Hemp russet mite is currently the only known Eriophyid mite associated with Cannabis sativa, and it is thought to be restricted to this host. It feeds primarily on the leaves, leaf petioles and growing points, and can cause severe stunting of young seedlings and cuttings.
On foliage, it is initially found mainly on the underside of the leaf, where It’s feeding causes curling of the leaf margins (upward and/or downward), followed by discoloration (russeting). When populations are very high, affected leaves may appear a coppery/reddish bronze and the mites may spread to the upper surface of the leaves, petioles, stems and any developing flower buds (of both sexes). It is also thought to feed on the glandular trichomes, with the consequent potential to reduce the yield and quality of resin production.
Hemp russet mite goes through the same developmental stages as tomato russet mite; the time taken to complete its life-cycle varies with temperature and humidity, but can take as little as 7 days under optimal conditions.
Once established, control can be difficult. In indoor facilities, prevention is key: new transplants and cuttings should be isolated from the main growing areas and closely inspected prior to plant to ensure that they are mite-free. Since Eriophyid mites can be carried on air currents, consider the air-flow through the facility, and try to arrange plantings such that air flows first to young plants rather than to older ones. Similarly, employees should avoid moving from areas with active mite populations to uninfested zones.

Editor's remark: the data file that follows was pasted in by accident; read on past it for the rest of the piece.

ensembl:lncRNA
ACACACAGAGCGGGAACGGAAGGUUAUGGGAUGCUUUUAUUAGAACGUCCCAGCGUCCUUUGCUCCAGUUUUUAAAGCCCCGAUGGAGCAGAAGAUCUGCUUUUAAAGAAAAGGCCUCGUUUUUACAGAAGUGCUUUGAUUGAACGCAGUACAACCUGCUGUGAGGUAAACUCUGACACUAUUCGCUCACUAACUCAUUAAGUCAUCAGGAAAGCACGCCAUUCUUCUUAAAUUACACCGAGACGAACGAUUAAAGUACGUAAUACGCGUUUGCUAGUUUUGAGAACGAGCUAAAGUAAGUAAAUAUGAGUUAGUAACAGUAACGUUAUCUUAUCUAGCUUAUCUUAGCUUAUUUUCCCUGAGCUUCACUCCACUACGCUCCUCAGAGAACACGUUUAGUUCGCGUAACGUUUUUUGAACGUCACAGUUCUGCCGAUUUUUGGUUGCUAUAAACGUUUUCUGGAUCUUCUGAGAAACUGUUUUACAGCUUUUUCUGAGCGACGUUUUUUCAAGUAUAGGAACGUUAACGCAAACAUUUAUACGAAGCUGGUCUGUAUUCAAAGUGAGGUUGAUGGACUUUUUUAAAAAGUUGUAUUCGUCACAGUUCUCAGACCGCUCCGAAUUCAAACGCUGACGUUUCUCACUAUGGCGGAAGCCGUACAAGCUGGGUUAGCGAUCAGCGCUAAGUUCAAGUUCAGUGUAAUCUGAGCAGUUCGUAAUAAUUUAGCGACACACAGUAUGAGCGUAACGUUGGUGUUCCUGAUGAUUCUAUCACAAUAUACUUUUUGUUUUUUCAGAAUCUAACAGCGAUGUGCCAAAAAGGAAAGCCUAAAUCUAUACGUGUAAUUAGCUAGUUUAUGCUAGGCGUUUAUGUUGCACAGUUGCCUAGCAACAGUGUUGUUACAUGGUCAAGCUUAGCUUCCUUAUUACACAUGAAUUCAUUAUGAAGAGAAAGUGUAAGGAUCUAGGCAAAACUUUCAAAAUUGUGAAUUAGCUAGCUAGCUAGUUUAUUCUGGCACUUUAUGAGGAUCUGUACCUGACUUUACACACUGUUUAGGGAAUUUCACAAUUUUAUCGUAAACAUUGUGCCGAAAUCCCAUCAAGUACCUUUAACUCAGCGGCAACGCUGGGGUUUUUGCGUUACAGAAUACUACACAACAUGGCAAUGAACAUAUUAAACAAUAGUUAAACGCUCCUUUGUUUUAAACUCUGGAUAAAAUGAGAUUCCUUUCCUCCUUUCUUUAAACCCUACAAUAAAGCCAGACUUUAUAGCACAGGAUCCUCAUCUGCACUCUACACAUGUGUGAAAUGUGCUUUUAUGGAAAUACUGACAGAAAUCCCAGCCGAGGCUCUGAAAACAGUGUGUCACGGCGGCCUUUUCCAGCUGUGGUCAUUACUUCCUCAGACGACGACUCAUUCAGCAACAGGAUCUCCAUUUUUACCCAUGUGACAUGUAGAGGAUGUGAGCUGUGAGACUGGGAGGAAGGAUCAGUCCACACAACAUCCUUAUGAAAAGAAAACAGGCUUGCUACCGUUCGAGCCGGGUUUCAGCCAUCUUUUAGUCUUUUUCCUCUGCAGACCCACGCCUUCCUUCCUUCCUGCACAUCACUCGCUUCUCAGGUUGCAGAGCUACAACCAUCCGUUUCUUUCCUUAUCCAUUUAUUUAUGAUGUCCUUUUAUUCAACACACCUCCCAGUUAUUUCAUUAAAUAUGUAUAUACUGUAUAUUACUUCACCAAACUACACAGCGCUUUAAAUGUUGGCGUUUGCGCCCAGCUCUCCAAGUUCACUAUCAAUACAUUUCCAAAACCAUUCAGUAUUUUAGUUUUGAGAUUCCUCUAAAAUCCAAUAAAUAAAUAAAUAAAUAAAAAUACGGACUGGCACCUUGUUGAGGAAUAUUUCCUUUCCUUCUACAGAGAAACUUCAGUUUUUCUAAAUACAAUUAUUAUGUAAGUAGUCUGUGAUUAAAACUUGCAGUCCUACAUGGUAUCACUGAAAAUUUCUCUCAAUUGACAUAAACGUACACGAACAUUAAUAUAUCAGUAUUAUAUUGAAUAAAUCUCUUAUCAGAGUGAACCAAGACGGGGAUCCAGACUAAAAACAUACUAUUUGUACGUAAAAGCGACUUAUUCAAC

Biological control options for established russet mite populations are limited, although products based on the pathogenic fungus Beauveria bassiana may help. The predatory mite Amblysieus andersoni is known to feed on hemp russet mites, but must be introduced in a very proactive manner as soon as the pest is first detected. It is unlikely to be successful at suppressing populations that are already well established.
A close-up view of a dense population of hemp russet mite can be viewed here.
Tomato russet mite (Aculops lycopersici)